• The Life Aquatic: Liquid Poetics and the Discourse of Friendship inThe Faerie Queene

    Author(s):
    Steven Swarbrick (see profile)
    Date:
    2018
    Group(s):
    CLCS Renaissance and Early Modern, Environmental Humanities, Literary theory, TC Ecocriticism and Environmental Humanities, TM Literary and Cultural Theory
    Subject(s):
    Gender and sexualities, Oceanic studies, Ecocriticism, Theories of affect
    Item Type:
    Article
    Tag(s):
    Edmund Spenser, Blue humanities
    Permanent URL:
    http://dx.doi.org/10.17613/rske-nw39
    Abstract:
    From Michel de Montaigne’s essay “Of Friendship” to Jacques Derrida’s rearticulation of the former in The Politics of Friendship, scholars both early modern and modern have sought ways to address the fluid co-mixture of bodies from which the discourse of friendship can and does emerge. More recently still, new materialist thinkers of ontology have begun to shift our attention to the ways both human and nonhuman bodies inter-animate in the making of political, interpersonal, and artistic life worlds. Together with these investigations, I argue that an aquacentric account of relation is necessary to think the subject of friendship in Spenser’s epic. Beginning with Spenser’s queer address to Ralegh in Book III of The Faerie Queene and continuing through Book IV, I argue that Spenser reimagines the discourse of friendship in terms of a liquid, transcorporeal poetics, one that not only takes to its logical extreme humoral descriptions of bodies as conduits for liquids and passions but also importantly reworks human-exceptionalist readings of ontology in Spenser’s epic.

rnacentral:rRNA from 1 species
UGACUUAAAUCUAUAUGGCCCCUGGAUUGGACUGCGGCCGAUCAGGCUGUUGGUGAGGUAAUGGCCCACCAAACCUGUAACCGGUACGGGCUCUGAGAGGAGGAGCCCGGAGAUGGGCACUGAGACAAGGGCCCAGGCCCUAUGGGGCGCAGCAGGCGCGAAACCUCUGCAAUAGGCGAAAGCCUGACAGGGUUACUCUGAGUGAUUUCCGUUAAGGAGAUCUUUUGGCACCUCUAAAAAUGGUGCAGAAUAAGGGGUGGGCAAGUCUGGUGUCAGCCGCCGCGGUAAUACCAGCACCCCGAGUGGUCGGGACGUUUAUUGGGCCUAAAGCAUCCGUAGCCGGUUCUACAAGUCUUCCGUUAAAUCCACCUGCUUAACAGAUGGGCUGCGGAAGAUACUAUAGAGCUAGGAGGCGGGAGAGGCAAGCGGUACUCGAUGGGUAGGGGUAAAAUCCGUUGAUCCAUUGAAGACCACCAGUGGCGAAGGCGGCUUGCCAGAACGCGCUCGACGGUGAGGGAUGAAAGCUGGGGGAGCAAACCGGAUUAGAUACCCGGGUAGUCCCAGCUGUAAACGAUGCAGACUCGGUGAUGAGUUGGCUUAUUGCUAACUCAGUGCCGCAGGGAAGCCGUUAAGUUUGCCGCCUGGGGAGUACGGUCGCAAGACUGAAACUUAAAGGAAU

Metadata:
    Published as:
    Journal article    
    Status:
    Published
    Last Updated:
    7 months ago
    License:
    All Rights Reserved
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